George W. Bush Presidential Library and Museum presents The National Parks - Select Images
The George W. Bush Presidential Library and Museum celebrates the centennial of the National Park Service with a special exhibit featuring modern, iconic photographs taken by American photographer Mark Burns.
On August 25, 1916, President Woodrow Wilson signed a bill creating the National Park Service, an agency charged with preserving and protecting natural and cultural resources in the U.S. for this and future generations. Today, the National Park Service manages 84 million acres including Denali, the highest point in North America, in Denali National Park; the longest cave system known to the world, Mammoth Cave National Park, with more than 400 mapped miles of caves; America’s deepest lake, Crater Lake in Crater Lake National Park, at 1,943 feet; and the lowest point in the Western Hemisphere, Badwater Basin in Death Valley National Park, at 282 feet below sea level.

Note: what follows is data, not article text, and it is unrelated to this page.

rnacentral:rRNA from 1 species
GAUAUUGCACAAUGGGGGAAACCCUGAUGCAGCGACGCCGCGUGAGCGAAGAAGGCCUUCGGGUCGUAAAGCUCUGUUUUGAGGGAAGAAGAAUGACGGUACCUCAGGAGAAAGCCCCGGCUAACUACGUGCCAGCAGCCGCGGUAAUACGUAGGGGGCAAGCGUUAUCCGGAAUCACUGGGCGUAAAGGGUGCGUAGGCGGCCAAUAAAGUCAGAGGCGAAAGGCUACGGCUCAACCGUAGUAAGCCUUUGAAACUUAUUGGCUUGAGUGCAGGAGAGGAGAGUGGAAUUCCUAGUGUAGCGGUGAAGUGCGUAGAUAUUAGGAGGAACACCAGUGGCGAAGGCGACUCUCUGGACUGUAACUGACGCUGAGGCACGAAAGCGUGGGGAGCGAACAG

The National Parks Photography Project exhibit celebrates the important role that the visual image has played in the history and creation of America’s national parks. The breathtaking photographs were taken by Burns from 2011 through 2015 with one image from each of America’s 59 national parks. A portion of this exhibit also pays tribute to early painters and photographers, whose work helped lead to the protection of many of these special places.